If you’re someone who enjoys the challenge of creative writing, have you thought about entering your writing into a competition? There are loads of writing competitions out there, covering many writing challenges including short stories and poetry. Writing competitions are particularly beneficial if you’re looking to study English Literature at university, as they’re something you can talk about on your personal statement, but they also benefit you in that they give you the chance to practise different forms of writing. Each different kind of writing presents its own challenges, and the knowledge that your work will be judged and compared with that of others will give you added motivation to write to the best of your abilities. Here’s a non-exhaustive list of some short story competitions you could enter, and here are some poetry competitions.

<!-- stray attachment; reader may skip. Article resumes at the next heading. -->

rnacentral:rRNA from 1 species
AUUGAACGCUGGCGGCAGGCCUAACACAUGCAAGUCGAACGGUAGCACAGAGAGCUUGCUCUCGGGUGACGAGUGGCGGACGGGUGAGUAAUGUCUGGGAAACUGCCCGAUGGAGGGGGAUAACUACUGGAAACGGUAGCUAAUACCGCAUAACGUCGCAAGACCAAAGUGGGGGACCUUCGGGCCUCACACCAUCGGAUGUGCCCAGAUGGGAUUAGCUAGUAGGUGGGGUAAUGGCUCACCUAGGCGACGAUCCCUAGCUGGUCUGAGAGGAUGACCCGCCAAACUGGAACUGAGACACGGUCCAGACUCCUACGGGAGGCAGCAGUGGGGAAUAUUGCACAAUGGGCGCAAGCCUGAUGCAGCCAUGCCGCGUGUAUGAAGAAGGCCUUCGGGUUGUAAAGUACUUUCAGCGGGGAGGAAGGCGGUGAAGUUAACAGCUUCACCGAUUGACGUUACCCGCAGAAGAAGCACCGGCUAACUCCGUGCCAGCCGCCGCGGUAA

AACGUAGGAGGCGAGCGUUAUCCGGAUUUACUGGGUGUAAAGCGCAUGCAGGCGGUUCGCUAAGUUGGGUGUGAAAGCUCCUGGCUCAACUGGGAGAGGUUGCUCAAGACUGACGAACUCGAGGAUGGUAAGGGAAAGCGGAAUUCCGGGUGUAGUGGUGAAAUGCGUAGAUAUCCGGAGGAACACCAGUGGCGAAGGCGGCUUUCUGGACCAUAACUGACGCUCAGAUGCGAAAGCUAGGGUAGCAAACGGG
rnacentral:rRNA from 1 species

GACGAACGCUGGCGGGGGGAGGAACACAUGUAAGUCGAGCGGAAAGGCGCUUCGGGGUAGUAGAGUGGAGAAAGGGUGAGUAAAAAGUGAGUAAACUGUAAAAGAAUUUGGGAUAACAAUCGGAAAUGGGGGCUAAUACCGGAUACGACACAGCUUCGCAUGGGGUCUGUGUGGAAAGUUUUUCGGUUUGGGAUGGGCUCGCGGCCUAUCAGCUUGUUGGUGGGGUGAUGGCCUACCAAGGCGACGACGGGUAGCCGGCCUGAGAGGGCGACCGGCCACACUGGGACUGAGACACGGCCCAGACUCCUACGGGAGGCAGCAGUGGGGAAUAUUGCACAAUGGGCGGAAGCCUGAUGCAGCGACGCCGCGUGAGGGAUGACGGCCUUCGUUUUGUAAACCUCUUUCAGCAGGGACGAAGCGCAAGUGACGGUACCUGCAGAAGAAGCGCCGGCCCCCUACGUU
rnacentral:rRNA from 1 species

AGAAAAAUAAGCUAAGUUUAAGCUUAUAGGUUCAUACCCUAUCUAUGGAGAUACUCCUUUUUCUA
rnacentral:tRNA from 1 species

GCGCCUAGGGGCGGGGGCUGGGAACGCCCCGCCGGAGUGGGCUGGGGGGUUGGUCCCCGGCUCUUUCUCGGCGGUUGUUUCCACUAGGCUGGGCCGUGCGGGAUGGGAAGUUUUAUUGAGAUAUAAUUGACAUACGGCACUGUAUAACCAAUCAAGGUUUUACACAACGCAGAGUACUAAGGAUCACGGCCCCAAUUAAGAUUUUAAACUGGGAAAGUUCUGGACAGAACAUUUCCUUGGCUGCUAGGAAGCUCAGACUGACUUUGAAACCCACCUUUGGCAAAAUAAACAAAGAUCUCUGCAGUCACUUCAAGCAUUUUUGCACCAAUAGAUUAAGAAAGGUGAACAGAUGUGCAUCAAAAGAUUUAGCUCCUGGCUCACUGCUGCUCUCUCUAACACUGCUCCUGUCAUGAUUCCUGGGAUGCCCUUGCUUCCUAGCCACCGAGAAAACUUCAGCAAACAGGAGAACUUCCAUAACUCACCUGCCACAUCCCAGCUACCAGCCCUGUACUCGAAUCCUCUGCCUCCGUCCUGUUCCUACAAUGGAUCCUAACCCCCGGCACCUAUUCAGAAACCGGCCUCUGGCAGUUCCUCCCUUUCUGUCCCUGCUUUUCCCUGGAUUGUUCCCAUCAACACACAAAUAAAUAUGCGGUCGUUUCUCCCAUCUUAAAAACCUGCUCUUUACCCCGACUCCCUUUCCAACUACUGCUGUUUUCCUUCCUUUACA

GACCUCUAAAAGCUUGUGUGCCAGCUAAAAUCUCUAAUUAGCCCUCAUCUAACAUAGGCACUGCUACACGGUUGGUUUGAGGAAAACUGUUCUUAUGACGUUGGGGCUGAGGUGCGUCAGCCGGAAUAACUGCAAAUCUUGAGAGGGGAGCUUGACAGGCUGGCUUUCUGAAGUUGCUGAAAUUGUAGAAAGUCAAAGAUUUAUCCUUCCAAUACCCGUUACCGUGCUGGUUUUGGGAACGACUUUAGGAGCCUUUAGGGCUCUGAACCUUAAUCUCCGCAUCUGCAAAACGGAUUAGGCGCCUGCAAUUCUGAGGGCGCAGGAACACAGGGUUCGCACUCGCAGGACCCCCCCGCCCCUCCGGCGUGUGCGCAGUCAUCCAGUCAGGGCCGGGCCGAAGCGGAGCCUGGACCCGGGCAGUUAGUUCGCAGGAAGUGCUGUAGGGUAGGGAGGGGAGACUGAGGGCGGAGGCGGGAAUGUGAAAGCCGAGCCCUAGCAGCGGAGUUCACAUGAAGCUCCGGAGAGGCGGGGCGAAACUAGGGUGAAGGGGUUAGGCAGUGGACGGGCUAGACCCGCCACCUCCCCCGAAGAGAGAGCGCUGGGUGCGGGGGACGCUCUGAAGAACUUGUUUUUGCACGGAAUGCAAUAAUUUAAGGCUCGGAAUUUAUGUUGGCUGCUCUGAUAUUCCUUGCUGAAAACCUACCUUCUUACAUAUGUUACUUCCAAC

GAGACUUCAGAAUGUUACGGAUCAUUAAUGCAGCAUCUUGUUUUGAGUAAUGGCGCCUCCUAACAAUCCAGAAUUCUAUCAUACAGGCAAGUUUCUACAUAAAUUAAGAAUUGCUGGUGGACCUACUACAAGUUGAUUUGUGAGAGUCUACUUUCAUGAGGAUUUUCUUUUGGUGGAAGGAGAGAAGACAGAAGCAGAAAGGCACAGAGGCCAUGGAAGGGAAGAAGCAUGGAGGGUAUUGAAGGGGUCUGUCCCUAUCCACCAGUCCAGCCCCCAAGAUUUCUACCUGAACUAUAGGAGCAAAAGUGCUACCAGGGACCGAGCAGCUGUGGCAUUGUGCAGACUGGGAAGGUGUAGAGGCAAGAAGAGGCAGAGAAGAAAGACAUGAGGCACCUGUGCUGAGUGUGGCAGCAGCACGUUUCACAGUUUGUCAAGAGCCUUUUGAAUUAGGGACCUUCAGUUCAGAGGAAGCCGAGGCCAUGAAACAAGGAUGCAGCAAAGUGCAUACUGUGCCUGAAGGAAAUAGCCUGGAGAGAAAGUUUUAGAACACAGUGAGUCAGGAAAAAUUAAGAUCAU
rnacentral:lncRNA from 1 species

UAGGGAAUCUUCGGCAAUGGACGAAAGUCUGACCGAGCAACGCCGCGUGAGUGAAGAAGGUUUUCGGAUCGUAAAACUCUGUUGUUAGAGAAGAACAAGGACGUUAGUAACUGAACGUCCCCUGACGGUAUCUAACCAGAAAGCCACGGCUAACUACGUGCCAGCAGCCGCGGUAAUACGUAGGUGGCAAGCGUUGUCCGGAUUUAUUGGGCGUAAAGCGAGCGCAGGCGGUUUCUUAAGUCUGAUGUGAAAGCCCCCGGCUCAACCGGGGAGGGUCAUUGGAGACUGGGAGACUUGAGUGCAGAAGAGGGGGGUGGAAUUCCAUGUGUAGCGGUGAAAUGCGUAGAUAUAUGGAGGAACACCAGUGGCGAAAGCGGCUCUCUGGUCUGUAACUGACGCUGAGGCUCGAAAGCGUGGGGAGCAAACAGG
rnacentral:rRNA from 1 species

6. Write poetry

Image shows a painting of the poet Samuel Taylor Coleridge.

Coleridge described poetry as “the best words in their best order.”

Poetry is English in its richest, tightest form, and writing it necessitates a great degree of skill. It also allows you to write from the heart and get a few things off your mind. Writing poetry isn’t just about rhyming (indeed, a poem doesn’t have to rhyme at all); it’s about imbuing your words with layers of meaning and communicating complex emotions and thoughts in a few carefully chosen words. As well as enriching your vocabulary, writing poetry yourself will deepen your appreciation of the techniques used by poets to convey their thoughts, making it a good thing to do if you’re studying A-level English. By writing a poem, you will be better able to understand the work of a poet you may be studying and the challenges they face in creating such a condensed and deeply meaningful form of English. There are lots of different kinds of poetry, and you’ll probably need to do some experimenting in order to develop your own poetic style.